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Primary Sources - Workshop in American History Workshop 6 - The Census: Who We Think We Arehomesitemap
Introduction -Link Before You Watch - link Lectures and Activities Classroom and Applications - Link

Workshop 6:  Lectures & Activities

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Lecture Transcript Two:
Race and Ethnicity As Census Categories

Lecturer: Professor Evelynn Hammonds

photo of Evelynn Hammonds

I think all of your answers indicate a couple things. One: We know basically from family history who we are, who we think we are, right? And two, we check something that sort of reflects the closest to what we think we know from our family history. But there are other pieces that aren't going to be captured -- the pieces you don't know, the pieces that don't quite fit into the available categories or whatever.

Now, that should maybe raise in your mind something that's worth considering, as to then what do we need the categories for? If they don't reflect necessarily biological realities, and they reflect a kind of mushy social reality because everybody's a little unclear about parts of their ancestry, family history, we know pieces and we don't know other pieces of it, we pick and choose along the way, so when we count in this way, via these categories, we have to ask ourselves what, in fact, we're actually getting.

So what does it all mean? At the end of the 19th century, race was a concept that integrated biological, cultural, and linguistic differences between human peoples. And as I noted earlier, race in America had by that time come to be firmly associated with morphological traits and biological inheritance. By the 1930s, "ethnicity" was the term that was used to designate national origin and, specifically, language and cultural differences between peoples.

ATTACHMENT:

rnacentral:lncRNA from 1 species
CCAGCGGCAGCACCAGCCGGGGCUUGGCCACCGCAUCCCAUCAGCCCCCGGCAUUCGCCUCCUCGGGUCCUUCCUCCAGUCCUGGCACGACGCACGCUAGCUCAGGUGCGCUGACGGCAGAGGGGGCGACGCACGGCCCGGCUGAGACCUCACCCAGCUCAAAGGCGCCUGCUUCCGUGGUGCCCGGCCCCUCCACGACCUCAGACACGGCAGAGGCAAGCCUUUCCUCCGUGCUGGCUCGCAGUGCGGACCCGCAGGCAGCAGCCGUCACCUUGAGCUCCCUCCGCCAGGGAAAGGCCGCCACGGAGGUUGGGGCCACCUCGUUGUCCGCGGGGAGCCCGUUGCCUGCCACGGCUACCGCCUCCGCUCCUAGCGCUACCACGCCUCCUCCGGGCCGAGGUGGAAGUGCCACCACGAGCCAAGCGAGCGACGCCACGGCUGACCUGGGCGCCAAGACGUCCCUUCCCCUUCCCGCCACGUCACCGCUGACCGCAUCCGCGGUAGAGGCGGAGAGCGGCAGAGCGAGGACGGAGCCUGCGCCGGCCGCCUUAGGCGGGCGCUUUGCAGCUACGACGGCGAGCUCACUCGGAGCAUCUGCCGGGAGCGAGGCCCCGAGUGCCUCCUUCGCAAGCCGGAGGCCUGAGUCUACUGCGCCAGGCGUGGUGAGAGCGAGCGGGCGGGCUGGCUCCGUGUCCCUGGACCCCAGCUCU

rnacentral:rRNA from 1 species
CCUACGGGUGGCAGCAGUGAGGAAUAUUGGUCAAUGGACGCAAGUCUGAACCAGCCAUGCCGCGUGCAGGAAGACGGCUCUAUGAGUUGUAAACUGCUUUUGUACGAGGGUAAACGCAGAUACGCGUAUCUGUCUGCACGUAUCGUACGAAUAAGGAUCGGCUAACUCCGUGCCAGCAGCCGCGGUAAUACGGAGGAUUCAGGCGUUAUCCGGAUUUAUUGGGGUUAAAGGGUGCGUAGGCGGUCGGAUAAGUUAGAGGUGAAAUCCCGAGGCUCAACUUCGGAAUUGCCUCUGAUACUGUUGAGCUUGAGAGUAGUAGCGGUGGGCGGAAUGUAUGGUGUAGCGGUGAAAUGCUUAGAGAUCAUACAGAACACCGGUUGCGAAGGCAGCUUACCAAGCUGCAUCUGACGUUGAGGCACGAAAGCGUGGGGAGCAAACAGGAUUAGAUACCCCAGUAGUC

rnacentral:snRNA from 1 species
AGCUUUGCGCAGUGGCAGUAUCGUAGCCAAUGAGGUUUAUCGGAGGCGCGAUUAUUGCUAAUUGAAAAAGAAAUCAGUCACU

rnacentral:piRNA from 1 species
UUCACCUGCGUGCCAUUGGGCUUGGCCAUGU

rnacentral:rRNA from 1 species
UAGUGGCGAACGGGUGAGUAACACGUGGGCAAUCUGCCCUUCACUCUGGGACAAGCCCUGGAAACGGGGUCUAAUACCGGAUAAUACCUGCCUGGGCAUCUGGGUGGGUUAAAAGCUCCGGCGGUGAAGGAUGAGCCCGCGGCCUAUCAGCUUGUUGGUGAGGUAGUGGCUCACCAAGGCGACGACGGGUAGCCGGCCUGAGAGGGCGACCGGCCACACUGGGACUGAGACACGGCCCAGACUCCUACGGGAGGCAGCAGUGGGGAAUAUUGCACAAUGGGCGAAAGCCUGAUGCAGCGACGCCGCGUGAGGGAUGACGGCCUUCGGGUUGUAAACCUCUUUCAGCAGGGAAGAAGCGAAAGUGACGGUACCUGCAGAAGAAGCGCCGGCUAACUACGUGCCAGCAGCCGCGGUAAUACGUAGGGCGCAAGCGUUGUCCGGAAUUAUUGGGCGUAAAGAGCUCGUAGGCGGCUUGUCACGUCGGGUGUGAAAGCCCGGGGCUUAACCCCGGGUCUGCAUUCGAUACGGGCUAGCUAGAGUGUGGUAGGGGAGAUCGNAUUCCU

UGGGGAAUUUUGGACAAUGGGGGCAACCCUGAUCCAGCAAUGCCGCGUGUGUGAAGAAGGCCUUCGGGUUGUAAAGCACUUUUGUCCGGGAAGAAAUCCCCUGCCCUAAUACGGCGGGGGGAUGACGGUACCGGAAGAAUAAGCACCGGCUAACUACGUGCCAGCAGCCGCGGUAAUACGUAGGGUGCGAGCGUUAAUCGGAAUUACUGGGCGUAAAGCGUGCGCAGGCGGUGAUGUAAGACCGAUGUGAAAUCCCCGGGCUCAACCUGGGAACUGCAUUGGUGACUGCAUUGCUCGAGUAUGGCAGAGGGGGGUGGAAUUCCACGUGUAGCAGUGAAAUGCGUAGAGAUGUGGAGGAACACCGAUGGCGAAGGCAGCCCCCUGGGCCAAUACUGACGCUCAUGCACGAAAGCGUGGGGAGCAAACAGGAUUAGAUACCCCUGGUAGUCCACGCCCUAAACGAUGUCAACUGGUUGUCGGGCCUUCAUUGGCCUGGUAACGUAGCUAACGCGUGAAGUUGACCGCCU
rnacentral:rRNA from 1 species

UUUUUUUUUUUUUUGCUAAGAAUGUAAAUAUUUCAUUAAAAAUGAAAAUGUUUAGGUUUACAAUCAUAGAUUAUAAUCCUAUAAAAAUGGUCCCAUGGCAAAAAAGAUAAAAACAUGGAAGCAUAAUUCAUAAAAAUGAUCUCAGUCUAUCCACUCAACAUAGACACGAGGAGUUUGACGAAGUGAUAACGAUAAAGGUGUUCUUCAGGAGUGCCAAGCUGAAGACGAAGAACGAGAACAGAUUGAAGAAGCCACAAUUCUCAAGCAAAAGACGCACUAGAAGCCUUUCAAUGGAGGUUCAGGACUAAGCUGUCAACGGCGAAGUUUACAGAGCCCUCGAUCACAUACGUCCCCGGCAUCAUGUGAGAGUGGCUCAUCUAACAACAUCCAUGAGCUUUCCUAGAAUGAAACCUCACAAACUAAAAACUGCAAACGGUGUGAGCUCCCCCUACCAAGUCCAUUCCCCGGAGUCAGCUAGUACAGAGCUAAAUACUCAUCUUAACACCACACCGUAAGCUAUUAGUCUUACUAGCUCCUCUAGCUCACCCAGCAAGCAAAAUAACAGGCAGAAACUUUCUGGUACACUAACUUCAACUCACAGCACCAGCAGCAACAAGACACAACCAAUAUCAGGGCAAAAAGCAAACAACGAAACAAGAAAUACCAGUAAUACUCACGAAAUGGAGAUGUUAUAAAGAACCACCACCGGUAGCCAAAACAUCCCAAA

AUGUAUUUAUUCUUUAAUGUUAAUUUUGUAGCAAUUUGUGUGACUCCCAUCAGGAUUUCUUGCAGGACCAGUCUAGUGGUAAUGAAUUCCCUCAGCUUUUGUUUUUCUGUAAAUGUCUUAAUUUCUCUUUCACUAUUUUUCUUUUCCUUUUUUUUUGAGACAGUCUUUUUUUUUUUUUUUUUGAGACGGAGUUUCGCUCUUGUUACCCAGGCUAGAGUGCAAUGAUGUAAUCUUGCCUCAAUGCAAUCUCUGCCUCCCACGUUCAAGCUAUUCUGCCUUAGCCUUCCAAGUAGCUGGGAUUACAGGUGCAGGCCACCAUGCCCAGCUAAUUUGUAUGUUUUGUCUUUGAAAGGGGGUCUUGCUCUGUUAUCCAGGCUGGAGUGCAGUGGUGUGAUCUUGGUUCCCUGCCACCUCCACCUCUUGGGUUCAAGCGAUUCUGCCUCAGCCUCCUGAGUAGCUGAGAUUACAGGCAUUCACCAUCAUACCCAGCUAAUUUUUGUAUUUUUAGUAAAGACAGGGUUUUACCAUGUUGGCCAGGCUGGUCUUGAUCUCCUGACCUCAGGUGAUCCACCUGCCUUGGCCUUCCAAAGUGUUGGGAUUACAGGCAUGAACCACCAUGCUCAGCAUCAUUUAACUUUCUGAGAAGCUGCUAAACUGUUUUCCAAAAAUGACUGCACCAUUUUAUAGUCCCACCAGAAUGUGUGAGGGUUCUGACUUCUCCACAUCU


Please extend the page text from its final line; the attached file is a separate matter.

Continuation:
Over the course of the 20th century, as scientists learned more about the mechanisms of heredity and evolution, the idea of race as a good explanation of the biological variation in the human species became increasingly contested. That is, earlier, people thought that these physical differences that we see between us actually are both the sign of deeper differences, and that these differences really are sort of in here in particular groups that are exclusive. What we learned about from heredity and evolution [is] that this idea doesn't quite work when you want to talk about the variation in the human species. Indeed, many biologists now reject the idea of race as a useful biological concept, since it doesn't really correlate well with the reality and the complexities of human biological variation. And for many reasons, biologists began to move toward the idea that this old notion of race -- that we can look at people and determine who they are, that these phenotypical differences actually mean something biologically significant -- came under great scrutiny, in particular as a result of discoveries and research in genetics.

So I think this brings us to thinking about what this thing called race is. It's often said that race is a social construction, and what does this mean? I mean, a lot of people talk about the social construction of race, and they've offered many explanations about it. I think in simple terms, the social construction of race means that the modern idea of race was invented by humans as a way of perceiving and interpreting human differences, but the racial categories we use are not natural. They don't exist out there in nature as biological realities, but that they are really social-cultural concepts based in history, and, in limited ways, I would argue, science.

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